Equity launches campaign against insurance prejudice
9 August 2012
Charging actors and other performance professionals higher insurance premiums or refusing them insurance altogether has been called "groundless prejudice" by one actor because it is based not on data about actors' claims history but on guess work about actors' lives, Equity has discovered.
Equity members routinely pay higher car insurance premiums because the insurance industry considers them to be a high risk, but this view is based not on statistical data but what appears to be guess-work about the driving habits of actors. Members have been complaining to their union that their car insurance is unreasonably high. To try to find out why, Equity wrote to Otto Thoresen, Director General of the Association of British Insurers, earlier this year.
He wrote back confirming that actors must expect to pay higher premiums and explained: “premiums are based on a number of risk factors, among which is the occupation of the driver. Where insurers' actuarial data demonstrates an increased risk, they set premiums which reflect that risk.
“For actors, we have been told that they are much more likely to be involved in a collision than for most other occupations. This is probably due to their unusual working hours, which leads them to be driving late at night when roads are more dangerous; the need to travel long distances touring or working away from home; the potential for large claims associated with high-earning performers; and the possibility that sharing vehicles when giving colleagues a lift home can lead to expensive claims.”
Equity wrote back asking Mr Thoresen to share the “actuarial data” which demonstrates that actors are a higher insurance risk. His response was surprising. He wrote that “no single insurer has a large enough number of actors as customers to be able to draw reliable statistical conclusions from their claims history”. He added, “there is little likelihood of any insurer being able to build long-term reliable data from the claims history of actors”, and that underwriters “have to draw conclusions about the increased risk from what they know”.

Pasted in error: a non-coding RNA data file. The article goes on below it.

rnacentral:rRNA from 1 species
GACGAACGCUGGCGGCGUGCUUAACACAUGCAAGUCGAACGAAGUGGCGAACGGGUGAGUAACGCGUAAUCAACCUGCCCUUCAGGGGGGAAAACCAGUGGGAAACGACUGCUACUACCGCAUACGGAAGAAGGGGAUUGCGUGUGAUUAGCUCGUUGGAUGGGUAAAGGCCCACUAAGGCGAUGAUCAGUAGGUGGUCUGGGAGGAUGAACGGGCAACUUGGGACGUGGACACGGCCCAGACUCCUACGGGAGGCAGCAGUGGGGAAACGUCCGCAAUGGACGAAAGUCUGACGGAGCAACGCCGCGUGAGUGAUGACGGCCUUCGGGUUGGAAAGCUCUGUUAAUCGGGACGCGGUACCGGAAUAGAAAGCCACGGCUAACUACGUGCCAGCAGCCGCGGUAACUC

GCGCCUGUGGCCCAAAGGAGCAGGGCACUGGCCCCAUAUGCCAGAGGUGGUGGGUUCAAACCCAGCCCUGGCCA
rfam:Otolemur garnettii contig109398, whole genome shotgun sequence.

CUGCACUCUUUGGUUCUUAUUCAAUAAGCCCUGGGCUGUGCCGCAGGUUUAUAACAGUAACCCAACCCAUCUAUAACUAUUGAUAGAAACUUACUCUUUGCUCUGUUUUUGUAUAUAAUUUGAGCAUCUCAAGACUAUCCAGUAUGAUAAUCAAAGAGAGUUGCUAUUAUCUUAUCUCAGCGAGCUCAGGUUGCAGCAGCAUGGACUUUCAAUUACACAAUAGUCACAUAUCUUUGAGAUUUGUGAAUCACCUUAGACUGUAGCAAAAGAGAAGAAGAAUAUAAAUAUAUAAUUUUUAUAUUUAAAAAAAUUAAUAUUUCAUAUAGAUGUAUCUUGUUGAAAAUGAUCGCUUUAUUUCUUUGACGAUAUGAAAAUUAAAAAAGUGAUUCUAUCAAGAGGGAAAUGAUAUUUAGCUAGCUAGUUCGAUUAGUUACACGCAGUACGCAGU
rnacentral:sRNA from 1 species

What does all this mean? Well, far from basing the insurance risk of actors on “actuarial data”, as Mr Thorensen claimed in his first letter, it now appears that underwriters base their view of actors on nothing more than vague notions of actors driving late at night and giving lifts to fellow actors. Some might call this nothing more than prejudice.
Before publishing this article Equity sent it to Mr Thoresen for his comment. He wrote: ““Insurers price risk and the premium paid reflects the risk. Many factors are taken into consideration and occupation is one of many that insurers will consider when setting a premium. The premium actors pay reflects the fact that they are more likely to be involved in a collision than other occupations. This is reflected in their premium price.”
Equity has been so appalled at the off-handed way the insurance industry has dealt with our enquires that we wrote to the Financial Ombudsman Service. They responded that they do not have the authority to investigate an entire industry, but can take up the case of an individual. If you think that you have been treated particularly badly by an insurance company just because you are an actor put your complaint to the Financial Services Ombudsman at www.financial-ombudsman.org.uk/consumer/complaints.htm
Equity President Malcolm Sinclair is backing the campaign: “At the last meeting of the Equity Council, as soon as insurance for actors was mentioned a catalogue of horror stories came out. Being charged high insurance premiums or being refused insurance altogether is something which blights actors’ lives and I am appalled that it is based not on clear data but on supposition and prejudice. This must stop and I appeal to Equity members to make their views known to the Association of British Insurers.”
Interviewed in The Stage, Equity member Branko Tomovic told how he was refused car hire because of insurance problems: “The company I spoke to didn’t even ask me what I was using the car for. Many other professions have the same schedule as an actor. Any self-employed person has to be flexible and be able to work at night or in the day.”
Actor and Equity Council member Jonathan Coy raised the issue of insurance at July’s meeting of the Council. He told The Stage: “I had to get a broker to ring round and try and find me a better deal on my home insurance. He halved the amount by finding a company that didn’t ask what my professional was. There is groundless prejudice against actors in the insurance market.”
Equity will continue to campaign to get the insurance industry to treat actors and other performance professionals fairly. Meanwhile, if you have a view on how the insurance industry treats Equity members you can put it to the Association of British Insurers at www.abi.org.uk/Contact_Us.aspx.
If you are having insurance difficulties, try Equity’s insurance broker First Act on 020 8686 5050.
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